OR

5.  The poster has been kind enough to tell us in another series of postings, right after I joined this Board, that her grandmother became involved with the Trotskyites and was invovled in some other activities thereto associated.  I know nothing of the Troskyites movement in the years 1905/1906 but I was unaware that they were up-and-terrorizing as early as then.  But as I said, I know nothing about these kind of disgusting elemetns.  Can the others help me here?

    What a path this distinguished and educated person took, from a village in the Pale of Settlement, to a Petersburg resident, to a Faculty-educated dentist in St. Petersburg to a member of such a violent group and then to a solid life in America.  There is a whole interesting book to be written here.  She seems to have gotten around many of the prohibitions and interdictions of her time.  Maladetz!

    Thank you for sharing this with us.
Title: Re: Women and higher education
Post by: Finelly on August 14, 2005, 02:19:59 PM
A lot to respond to, Alex!  I'll do a little at a time.

1.  My grandmother's last name was not at all German and was VERY Russian-sounding.

2.  The pogroms in Romny and Poltava took place in 1905.

3.  I think that my great grandmother and grandfather's revolutionary activities mostly took place in the countryside, and I'm guessing, since some of their children were born in Romny, that they went there after she finished school, but I'm not sure........

4.  I don't know what business my great great grandparents were in.  She said they were "bourgeoisie" so I assume merchants of some sort.   Our family has not yet located someone credible to do research into the archives in that oblast yet.

5.  Given what you know about education in Russia at that time, and given what I said about my great grandmother's languages, do you think it is safe to assume that she attended Jewish schools?  

6.  One of her brothers served in the army but was not allowed to become an officer because he was a Jew.  The other brother became a lawyer and lived in Odessa, so I assume that, he, too, attended a university.  If the family could afford to send two of three children to a college,then they must have had money.  And possibly influence with someone in St. Petersburg.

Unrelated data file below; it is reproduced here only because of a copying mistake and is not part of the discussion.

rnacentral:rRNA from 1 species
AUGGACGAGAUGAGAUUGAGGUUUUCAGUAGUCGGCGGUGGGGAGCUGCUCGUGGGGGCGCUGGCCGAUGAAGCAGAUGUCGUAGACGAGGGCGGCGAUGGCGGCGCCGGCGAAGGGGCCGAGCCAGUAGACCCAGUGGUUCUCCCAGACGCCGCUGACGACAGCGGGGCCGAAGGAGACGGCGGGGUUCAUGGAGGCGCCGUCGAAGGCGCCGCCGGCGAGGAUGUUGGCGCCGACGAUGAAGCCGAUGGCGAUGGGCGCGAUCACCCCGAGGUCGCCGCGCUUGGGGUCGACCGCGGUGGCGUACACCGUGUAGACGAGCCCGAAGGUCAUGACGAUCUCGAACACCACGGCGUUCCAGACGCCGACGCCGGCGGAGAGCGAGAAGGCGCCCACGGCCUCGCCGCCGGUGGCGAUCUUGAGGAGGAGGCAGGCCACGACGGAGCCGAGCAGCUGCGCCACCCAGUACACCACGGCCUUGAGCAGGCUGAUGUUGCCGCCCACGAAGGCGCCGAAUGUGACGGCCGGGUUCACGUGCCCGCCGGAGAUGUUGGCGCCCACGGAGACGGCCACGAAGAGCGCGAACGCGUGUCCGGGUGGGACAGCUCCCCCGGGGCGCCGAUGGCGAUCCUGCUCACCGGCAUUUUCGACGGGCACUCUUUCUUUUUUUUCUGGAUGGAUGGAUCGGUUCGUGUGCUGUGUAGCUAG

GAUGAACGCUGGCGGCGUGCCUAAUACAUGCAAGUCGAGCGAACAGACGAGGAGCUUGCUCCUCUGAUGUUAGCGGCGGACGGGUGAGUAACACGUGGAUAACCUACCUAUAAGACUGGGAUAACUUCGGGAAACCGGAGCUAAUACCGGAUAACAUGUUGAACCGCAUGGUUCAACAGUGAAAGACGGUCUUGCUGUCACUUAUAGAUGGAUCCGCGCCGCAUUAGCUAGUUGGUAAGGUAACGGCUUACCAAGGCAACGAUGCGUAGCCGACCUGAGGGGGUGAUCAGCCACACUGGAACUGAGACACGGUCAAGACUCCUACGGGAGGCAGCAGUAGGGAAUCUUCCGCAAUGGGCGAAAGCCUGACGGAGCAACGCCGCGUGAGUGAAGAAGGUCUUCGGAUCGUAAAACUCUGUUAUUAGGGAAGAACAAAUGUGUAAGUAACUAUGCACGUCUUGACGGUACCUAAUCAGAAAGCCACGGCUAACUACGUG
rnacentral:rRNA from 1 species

Title: Re: Women and higher education
Post by: AlexP on August 14, 2005, 05:18:34 PM
Quote
A lot to respond to, Alex!  I'll do a little at a time.

1.  My grandmother's last name was not at all German and was VERY Russian-sounding.

2.  The pogroms in Romny and Poltava took place in 1905.

3.  I think that my great grandmother and grandfather's revolutionary activities mostly took place in the countryside, and I'm guessing, since some of their children were born in Romny, that they went there after she finished school, but I'm not sure........

4.  I don't know what business my great great grandparents were in.  She said they were "bourgeoisie" so I assume merchants of some sort.   Our family has not yet located someone credible to do research into the archives in that oblast yet.

5.  Given what you know about education in Russia at that time, and given what I said about my great grandmother's languages, do you think it is safe to assume that she attended Jewish schools?  

6.  One of her brothers served in the army but was not allowed to become an officer because he was a Jew.  The other brother became a lawyer and lived in Odessa, so I assume that, he, too, attended a university.  If the family could afford to send two of three children to a college,then they must have had money.  And possibly influence with someone in St. Petersburg.


1.  Regarding a Russian-sounding name, there are Russian-sounding names that in St. Petersburg would easily have been identifiable as "rycckii-gavariaschii" as opposed to "chistii rycckii" (meaning the names of those who speak Russian but are clearly not Russian as opposed to the names of those who speak Russian and are clearly Russian).

2.  Additionally, in that part of the Pale of Settlement, particularly in Poltava, in addition to the "kartavitz" with which most likely your grandmother spoke, as most likely did all of the Jews of the area, there would have been another deficiency of the language, but this one would have been on an entire regional level :  the Russian "g" would have been pronounced as a Polish "h", i.e., Gocpod would have been pronounced "h" or "hospod". This, plus the "kartavitz" would have tipped off the police in St. Petersburg to a non-ethnic Russian speaker within minutes.  There would have only been issues with syntax and morphology would have automatically identified the speaker..

3.  I write this only to show you additional difficulties in moving from the Pale of Settlement to the metropolitan areas.  It was not as easy and transparent as moving today from Los Angeles to San  Francisco.